Help wanted...

I suspect that most (although not all) customers -- particularly for those with complex systems -- will need a retailer’s help setting up the Reference 30. But it's worth it -- the difficulties in setting up the Reference 30 are directly related to its high degree of flexibility. Once the connections are made, operation gets considerably more user-friendly.

I can’t imagine anybody with system needs that the Reference 30 can’t handle with its extensive list of assignable inputs and other necessary features. But B&K has thankfully not gone overboard with user adjustments that require endless hours of tweaking and experimentation. B&K has provided the Reference 30 with what it takes to make great sound, no more and no less. Well, maybe with one thing more, something that makes the B&K Reference 30 truly special: the remote.

Veterans of home theater know one very dirty little secret about our movies: they are not all created equal. Concert videos (my main interest in multichannel listening) are even worse. DVD-to-DVD variations in bass mixing as well as surround-speaker levels can be very frustrating. Some movies have you lunging for the subwoofer to inject it with a little extra (or a little less) bass volume; others have you wondering why, all of the sudden, the surround channels seem so improperly balanced. For the life of me, I’ve never been able to figure out why every company out there does not provide an easy-to-use front-to-back balance control and/or subwoofer volume control. One of the very first digital surround products I ever bought (the Yamaha DSP-1) included just such a balance control, but even Yamaha doesn’t do that any more.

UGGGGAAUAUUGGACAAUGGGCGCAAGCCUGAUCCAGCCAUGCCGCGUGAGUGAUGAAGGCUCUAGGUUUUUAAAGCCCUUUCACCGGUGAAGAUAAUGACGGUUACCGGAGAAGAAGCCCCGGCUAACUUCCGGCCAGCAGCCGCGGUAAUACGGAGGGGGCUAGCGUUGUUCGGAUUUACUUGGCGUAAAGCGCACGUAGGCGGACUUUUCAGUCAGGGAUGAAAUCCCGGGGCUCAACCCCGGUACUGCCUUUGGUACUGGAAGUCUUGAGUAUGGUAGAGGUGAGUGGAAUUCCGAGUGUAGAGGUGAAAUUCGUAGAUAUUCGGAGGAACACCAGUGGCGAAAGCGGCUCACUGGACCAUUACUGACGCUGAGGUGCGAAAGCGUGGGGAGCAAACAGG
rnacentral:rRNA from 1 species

Well, thankfully, B&K does. They even thought to include a control over the relative volume of the center-channel speaker, all from easily locatable (even in the dark!) buttons on the remote control. No fumbling through on-screen menus, no pausing the movie to cycle through the test signals, just easy-to-achieve balance perfection on the fly. In addition to the high-tech goodies and unflappable performance offered by the Reference 30, this is one of the things that makes the B&K so recommendable: the ability to adjust, on the fly, for the best day-to-day performance and enjoyment. And what’s more, all these adjustments are temporary; everything will revert to the preset levels once the unit is powered down or returned to sleep mode. I hope others take a lesson here.

Another on-the-fly feature that I think is really cool is the ability to select which speakers see action. Once again, no flipping through on-screen menus or other such nonsense; just select which listening mode you desire and follow it up immediately with a press of one of the keys on the numerical keypad on the remote. Hit "THX" and "5" and you are in THX mode with five speakers playing. Want to turn off the center? Hit "THX" and "4" and your center-channel speaker is turned off. Not happy with the way the surround channels are mixed on your favorite concert video? Hit "Surr" (DPL) and "3" and the surround channels are silenced. When you choose five speakers (as opposed to six or seven) you even get to decide whether you want the side- or rear-mounted surrounds.